The squid sector comprises all squid species (families: Gonatidae, Loliginidae, Ommastrephidae, Onychoteuthidae). Most production comes from industrial fisheries using a wide variety of fishing gears, including jigs, hook and line, purse seine, midwater, and bottom trawling, and operating within exclusive economic zones (EEZs) and in international waters. An important artisanal component operates in a number of EEZs, ranging from small vessels with outboard motors carrying two or three fishers to vessels of 15 meters or more carrying five or six fishers.
FAO reports that total global production of squid exceeds 3.7 million tonnes. Top producing regions include South America (Peru, Chile, Argentina) and Asia (China, South Korea, Japan, Indonesia). The jumbo flying squid (Dosidicus gigas), the Argentine shortfin squid (Illex argentinus), and the Japanese flying squid (Todarodes pacificus) are the three most important squid fisheries in the world, accounting for about 50-60 percent of global production.
Progress toward sustainability in these three squid fisheries is mainly limited by the deficiency of fisheries assessment, management, and enforcement by national regulators; and the lack of control over distant-water fleets by regional management bodies, resulting in illegal, unreported, and unregulated (IUU) fishing.
Activity & Workplan
2021 SR Objectives
- Support initiation of a FIP in the Argentine shortfin squid fishery within Argentinian EEZ waters.
- Support CAPECAL and the implementation of the workplan of the Peru jumbo flying squid – jig FIP.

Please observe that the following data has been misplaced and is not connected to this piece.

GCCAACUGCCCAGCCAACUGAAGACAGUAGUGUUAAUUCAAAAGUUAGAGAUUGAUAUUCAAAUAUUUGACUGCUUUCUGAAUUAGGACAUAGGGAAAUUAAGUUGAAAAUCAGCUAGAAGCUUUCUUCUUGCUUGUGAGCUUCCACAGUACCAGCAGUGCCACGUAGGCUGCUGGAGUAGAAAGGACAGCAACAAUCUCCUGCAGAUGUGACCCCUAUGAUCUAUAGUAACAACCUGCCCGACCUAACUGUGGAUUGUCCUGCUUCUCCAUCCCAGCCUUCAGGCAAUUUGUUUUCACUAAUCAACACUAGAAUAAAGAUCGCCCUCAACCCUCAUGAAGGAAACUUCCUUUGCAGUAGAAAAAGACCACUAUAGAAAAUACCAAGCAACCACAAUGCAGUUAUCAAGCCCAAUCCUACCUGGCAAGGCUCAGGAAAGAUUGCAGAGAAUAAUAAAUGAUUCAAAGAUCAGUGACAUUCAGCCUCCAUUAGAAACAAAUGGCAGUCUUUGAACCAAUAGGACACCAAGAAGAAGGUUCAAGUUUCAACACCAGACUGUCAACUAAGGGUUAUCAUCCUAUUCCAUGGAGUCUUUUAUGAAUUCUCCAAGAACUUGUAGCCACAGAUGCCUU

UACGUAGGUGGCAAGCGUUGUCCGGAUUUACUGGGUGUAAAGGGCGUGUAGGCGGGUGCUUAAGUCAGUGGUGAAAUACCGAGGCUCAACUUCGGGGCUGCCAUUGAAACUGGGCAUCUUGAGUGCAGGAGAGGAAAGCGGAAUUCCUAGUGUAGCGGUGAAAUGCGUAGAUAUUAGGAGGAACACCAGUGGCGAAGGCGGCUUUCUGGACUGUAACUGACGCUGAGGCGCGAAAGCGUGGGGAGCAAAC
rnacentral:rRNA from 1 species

- Support CALAMASUR and ask the SPRFMO to adopt new CMMs in the region.
- Support the launch of a FIP in the Chilean jumbo flying squid fishery.
- Support improvement efforts and ensure that the Chinese (Shantou) Mitre Squid FIP and the East China Sea and Yellow Sea Japanese flying squid – trawl FIP workplans are implemented and progress is publicly reported on FisheryProgress.org.
- Ensure all published FIPs receive an A-C SFP FIP progress rating.
- Monitor and support efforts of the Indian squid (Loligo duvauceli) FIP through public reporting on FisheryProgress.org.
Action Recommendations for Suppliers
- Undertake efforts to eliminate IUU fishing practices by distant-water fleets. Efforts may include piloting traceability systems, advocating for stronger regional and domestic enforcement and policy changes, participating in the SR’s IUU prevention working group, and piloting other supply chain approaches to ensure legal fishing practices in sourcing.
- Work with supply chains to initiate FIPs in fisheries where improvements are needed, and ensure sourcing from actively engaged supply chains.
- When sourcing from squid fisheries that are managed under seasonal closures, SR participants should ensure suppliers implement no-purchase policies during fishing moratoriums.
- Exported squid products from the region are often sourced from a mix of various squid fisheries, so importers and buyers should ensure that their suppliers can identify the individual source fisheries.
- Reach out to other supply chain companies to encourage their participation and engagement in the SR.
- Support the efforts of the Peruvian jumbo flying squid FIP.
- Publicly support SPRFMO’s effort to develop a stock assessment methodology that is applicable to all jumbo flying squid fisheries within the South Pacific.
- Publicly support establishing a shortfin squid FIP in Argentinian EEZ waters.
- Publicly support establishing a JFS FIP in Chilean EEZ waters.
- Promote and sponsor the update and development of squid fisheries assessments.